Of­fi­cial: OSU at­tacker railed against the U.S.

Baltimore Sun - - NATION & WORLD - By Julie Carr Smyth and An­drew WelshHug­gins

COLUM­BUS, Ohio — The So­mali-born stu­dent who car­ried out the carand-knife at­tack at Ohio State Uni­ver­sity stewed over the treat­ment of Mus­lims while ap­par­ently stay­ing un­der the radar of fed­eral law en­force­ment, un­der­scor­ing the dif­fi­culty au­thor­i­ties face in iden­ti­fy­ing and stop­ping lone wolves bent on vi­o­lence.

Ab­dul Razak Ali Ar­tan was not known to FBI coun­tert­er­ror­ism au­thor­i­ties be­fore Mon­day’s ram­page, which ended with Ar­tan shot to death by po­lice and 11 peo­ple in­jured, a law en­force­ment of­fi­cial said.

That’s in con­trast to sev­eral other re­cent at­tacks, in­clud­ing in New York and Or­lando, Fla., in which those blamed for the blood­shed had pre­vi­ously cometo the at­ten­tion of fed­eral agents.

Law en­force­ment of­fi­cials have not iden­ti­fied a mo­tive for the Ohio State vi­o­lence but have sug­gested ter­ror­ism as a pos­si­bil­ity. FBI agents con­tin­ued to search Ar­tan’s apart­ment for clues.

The mode of at­tack — plow­ing a car into civil­ians, then slash­ing vic­tims with a butcher knife — was in keep­ing with the rec­om­mended tac­tics of ji­hadi pro­pa­ganda.

And Face­book posts that were ap­par­ently writ­ten shortly be­fore the at­tack and came to light af­ter­ward show Ar­tan nursed griev­ances against the U.S.

He railed against U.S. in­ter­ven­tion in Mus­lim lands and warned, “If you want us Mus­lims to stop car­ry­ing lone wolf at­tacks, then make peace” with the Is­lamic State group.

“Amer­ica! Stop in­ter­fer- Ab­dul Razak Ali Ar­tan, who came to the U.S. in 2014, started classes in the fall at Ohio State in Colum­bus. ing with other coun­tries, es­pe­cially the Mus­lim Ummah. We are not weak. We are not weak, re­mem­ber that,” he wrote, us­ing the Ara­bic term for the world’s Mus­lim com­mu­nity. He also warned that other Mus­lims are in sleeper cells, “wait­ing for a sig­nal. I am warn­ing you Oh Amer­ica!”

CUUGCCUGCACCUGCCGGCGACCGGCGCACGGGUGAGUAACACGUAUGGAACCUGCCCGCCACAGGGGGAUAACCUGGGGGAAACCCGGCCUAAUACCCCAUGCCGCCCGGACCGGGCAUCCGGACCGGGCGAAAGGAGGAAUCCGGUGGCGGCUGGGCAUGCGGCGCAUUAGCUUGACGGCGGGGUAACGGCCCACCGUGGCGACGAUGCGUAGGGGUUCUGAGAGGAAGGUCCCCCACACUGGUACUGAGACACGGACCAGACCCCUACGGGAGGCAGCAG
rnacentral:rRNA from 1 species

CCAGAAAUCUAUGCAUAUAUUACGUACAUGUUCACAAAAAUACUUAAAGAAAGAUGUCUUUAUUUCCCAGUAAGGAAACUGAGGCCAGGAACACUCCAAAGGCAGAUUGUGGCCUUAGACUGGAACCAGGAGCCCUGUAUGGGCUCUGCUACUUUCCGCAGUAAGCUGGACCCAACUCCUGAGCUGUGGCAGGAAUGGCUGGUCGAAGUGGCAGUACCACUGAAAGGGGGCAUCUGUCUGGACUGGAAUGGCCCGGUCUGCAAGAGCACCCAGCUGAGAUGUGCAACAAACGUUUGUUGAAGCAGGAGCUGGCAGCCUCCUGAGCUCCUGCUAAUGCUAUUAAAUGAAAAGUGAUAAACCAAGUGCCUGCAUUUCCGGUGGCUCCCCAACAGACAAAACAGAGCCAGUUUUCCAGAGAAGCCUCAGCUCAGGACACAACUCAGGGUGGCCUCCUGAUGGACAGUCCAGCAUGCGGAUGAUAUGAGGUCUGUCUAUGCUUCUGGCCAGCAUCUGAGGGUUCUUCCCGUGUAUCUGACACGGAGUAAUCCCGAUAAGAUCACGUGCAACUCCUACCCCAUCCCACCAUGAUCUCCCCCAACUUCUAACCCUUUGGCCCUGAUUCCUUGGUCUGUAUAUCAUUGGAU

The posts were re­counted by a law en­force­ment of­fi­cial who was briefed on the in­ves­ti­ga­tion but wasn’t au­tho­rized to dis­cuss it pub­licly and spoke on con­di­tion of anonymity. The posts were taken down af­ter the at­tack.

On Tues­day, a self-de­scribed Is­lamic State news agency called Ar­tan “a sol­dier of the Is­lamic State” who “car­ried out the op­er­a­tion in re­sponse to calls to tar­get cit­i­zens of in­ter­na­tional coali­tion coun­tries.”

The Is­lamic State group has pre­vi­ously de­scribed other at­tack­ers around the world as its “sol­diers” with­out specif­i­cally claim­ing to have or­ga­nized the acts of vi­o­lence.

Ar­tan’s so­cial me­dia rants seemed at odds with the por­trait of the young man painted by neigh­bors and ac­quain­tances.

Jack Ouham, owner of a mar­ket near the home on the out­skirts of Colum­bus where Ar­tan lived with his par­ents and sib­lings, saw the Ohio State stu­dent al­most ev­ery day when he stopped in for snacks.

He was never an­gry, Ouham said. “Very nice guy. It’s just shock­ing to me,” he said.

Ar­tan grad­u­ated with hon­ors from Colum­bus State Com­mu­nity Col­lege last May, earn­ing an as­so­ciate of arts de­gree. A video of his grad­u­a­tion cer­e­mony shows him jump­ing and spin­ning on stage and smil­ing broadly, draw­ing laughs, cheers and smiles from grad­u­ates and fac­ulty mem­bers.

The school said he had no be­hav­ioral or dis­ci­plinary prob­lems while he was there from the fall of 2014 un­til this past sum­mer.

He started at Ohio State in Au­gust as a busi­ness stu­dent study­ing lo­gis­tics man­age­ment.

A law en­force­ment of­fi­cial said Ar­tan came to the U.S. in 2014 as the child of a refugee. He had been liv­ing in Pak­istan from 2007 to 2014. It is not un­com­mon for refugees to go to a third-party coun­try be­fore be­ing per­ma­nently re­set­tled.

Engi­neer­ing pro­fes­sor Wil­liam Clark, who un­der­went surgery for deep cuts on his leg, re­called at a news con­fer­ence Tues­day be­ing hit by the car from be­hind and be­ing thrown through the air.

“When the car hit me, I re­ally didn’t know what to think,” he said, adding he next heard screams from stu­dents. “That’s when I fig­ured out it was more than a car ac­ci­dent.”

Clark’s tone to­ward the as­sailant was tem­pered.

“As hor­ri­ble as this is, this is one of those iso­lated in­ci­dents,” he said.

Classes for the 60,000 stu­dents at Ohio State re­sumed Tues­day. Three of the vic­tims re­mained hos­pi­tal­ized but were ex­pected to re­cover.


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